Where are the Geriatricians?
By Lewis A.Lipsitz, Globe Newspaper
the enormous growth of the elderly population over the next few decades,
medical care in the
Geriatrics is a
medical subspecialty that focuses on the diagnosis and treatment of
conditions that affect people as they age. There are approximately 9,000
certified geriatricians in the
A geriatrician is
a physician trained to handle the multiple, interacting conditions, drugs,
social situations, and psychological problems an older person may face.
Rather than trying to extend life at all cost, the geriatrician is focused
on preserving or improving physical and mental function for whatever time
remains. The quality,
rather than quantity, of
life becomes most important.
patients who are concerned with preventing illness or treating one
disease, older patients may be grappling with falling, urinary
incontinence, confusion and memory loss, depression, osteoporosis, and
heart disease. The average 75-year-old has three chronic conditions and
takes five prescription medications. The treatment of one condition may
worsen another. Rather than looking at individual symptoms -- or
dismissing a problem as "just part of getting old" -- a
geriatrician considers the whole person, examining each individual's
special characteristics, medical conditions, medications, values, and
preferences in order to develop a treatment plan.
geriatrician, treating a patient is more than treating a disease: If a
patient doesn't have transportation, keeping medical appointments is
nearly impossible. If an individual can't pay the rent, then paying for
expensive drugs is out of the question. If fingers are twisted by
arthritis, then opening a pill bottle can be difficult.
Because of their
unique needs, older people can fall between the cracks of conventional
medicine. Most of the drug doses learned in medical school, for example,
are based on studies done in younger people. Few medical schools and
residency programs provide formal training in geriatric medicine. In
addition, a specialist trained to focus on treating one condition may well
miss another. The orthopedist, for example, who evaluates a patient's
fall, looks for injury, just as the neurologist examines the brain and
nervous system. Both doctors could miss an underlying cardiac condition
that caused the fall. A geriatrician takes into consideration all the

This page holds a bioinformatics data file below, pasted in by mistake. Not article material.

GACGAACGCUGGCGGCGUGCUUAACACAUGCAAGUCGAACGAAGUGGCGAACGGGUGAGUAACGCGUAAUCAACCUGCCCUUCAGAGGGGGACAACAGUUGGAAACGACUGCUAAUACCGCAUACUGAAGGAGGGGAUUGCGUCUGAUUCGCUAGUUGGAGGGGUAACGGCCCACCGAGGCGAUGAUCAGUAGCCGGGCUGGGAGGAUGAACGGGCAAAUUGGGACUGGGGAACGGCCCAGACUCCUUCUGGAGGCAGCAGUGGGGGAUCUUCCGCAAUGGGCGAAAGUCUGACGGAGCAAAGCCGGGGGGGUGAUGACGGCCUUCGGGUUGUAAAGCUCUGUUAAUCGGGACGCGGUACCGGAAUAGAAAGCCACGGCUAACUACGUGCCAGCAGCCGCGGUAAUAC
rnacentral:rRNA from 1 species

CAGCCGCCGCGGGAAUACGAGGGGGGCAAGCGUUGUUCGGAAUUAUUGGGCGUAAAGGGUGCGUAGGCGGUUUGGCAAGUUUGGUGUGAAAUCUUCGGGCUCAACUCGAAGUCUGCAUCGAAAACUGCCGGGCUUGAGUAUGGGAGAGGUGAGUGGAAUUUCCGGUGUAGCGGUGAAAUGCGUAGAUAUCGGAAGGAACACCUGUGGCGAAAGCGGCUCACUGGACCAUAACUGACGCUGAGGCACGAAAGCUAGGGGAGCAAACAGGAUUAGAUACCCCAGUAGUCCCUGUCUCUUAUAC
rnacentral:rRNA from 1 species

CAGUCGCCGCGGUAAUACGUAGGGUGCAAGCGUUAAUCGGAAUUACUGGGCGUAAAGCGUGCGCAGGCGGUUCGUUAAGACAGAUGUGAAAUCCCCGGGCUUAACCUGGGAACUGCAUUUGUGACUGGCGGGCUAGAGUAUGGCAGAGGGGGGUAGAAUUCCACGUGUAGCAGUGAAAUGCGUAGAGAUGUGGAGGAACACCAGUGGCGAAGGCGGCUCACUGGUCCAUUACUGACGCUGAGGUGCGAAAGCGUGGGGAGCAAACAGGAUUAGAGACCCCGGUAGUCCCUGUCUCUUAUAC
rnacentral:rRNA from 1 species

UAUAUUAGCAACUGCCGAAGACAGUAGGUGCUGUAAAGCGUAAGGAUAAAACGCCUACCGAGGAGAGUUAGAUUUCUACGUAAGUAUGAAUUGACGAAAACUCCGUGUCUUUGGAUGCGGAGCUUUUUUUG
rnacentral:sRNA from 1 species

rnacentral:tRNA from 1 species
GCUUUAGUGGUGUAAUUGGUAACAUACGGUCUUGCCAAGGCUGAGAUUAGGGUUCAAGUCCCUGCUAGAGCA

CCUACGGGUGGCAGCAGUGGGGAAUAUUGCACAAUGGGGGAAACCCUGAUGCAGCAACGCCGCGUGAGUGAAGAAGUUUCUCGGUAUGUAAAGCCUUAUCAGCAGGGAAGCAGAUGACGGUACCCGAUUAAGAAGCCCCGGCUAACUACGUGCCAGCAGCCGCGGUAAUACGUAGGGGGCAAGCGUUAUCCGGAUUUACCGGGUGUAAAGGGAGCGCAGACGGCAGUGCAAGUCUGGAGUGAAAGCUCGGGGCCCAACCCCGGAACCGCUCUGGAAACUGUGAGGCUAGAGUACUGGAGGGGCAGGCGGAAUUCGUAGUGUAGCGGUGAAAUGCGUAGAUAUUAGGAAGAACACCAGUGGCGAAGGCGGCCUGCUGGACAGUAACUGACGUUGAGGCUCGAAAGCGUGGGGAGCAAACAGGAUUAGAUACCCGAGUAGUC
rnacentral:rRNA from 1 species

We need more
academic leaders in the field to teach medical students, residents,
practicing physicians, and nurses how to provide better care of their
elderly patients. Unfortunately, only 20 of 126
doctors to geriatric medicine presents its own challenges. Few role models
and mentors exist in teaching hospitals. The field lacks glamorous
technology. Reimbursement rates are low, and patient care demands are
high. In addition, hospitals and HMOs are reluctant to spend what it takes
to provide excellent geriatric care. However, the potential cost savings
to society are enormous. If proper geriatric care results in a modest 10
percent reduction in hospital, nursing home, and home care costs, the
nation would save $50 billion in health care costs each year.
promising solutions to the shortage of physicians equipped to care for
elderly patients. With funding for additional geriatric training programs,
more doctors could gain the skills they need. Higher payments for
geriatric care and loan forgiveness programs would do much to attract new
physicians to the field. Greater research funding could help promising new
investigators become leaders in the field of aging.
geriatricians are needed to provide direct care to elderly people, consult
on complex cases, improve the quality of care in nursing homes and other
chronic care settings, and teach primary care and specialist physicians
how to care for elderly patients. Not every older person needs a
geriatrician; however, every physician needs some training in geriatrics.
We urgently need to create incentives for more physicians to enter the
field of geriatrics, before our parents -- or we -- are in need of a
geriatrician, but can't find one.
Dr. Lewis A. Lipsitz is vice
president of academic medicine and co-director of the Research and
Training Institute at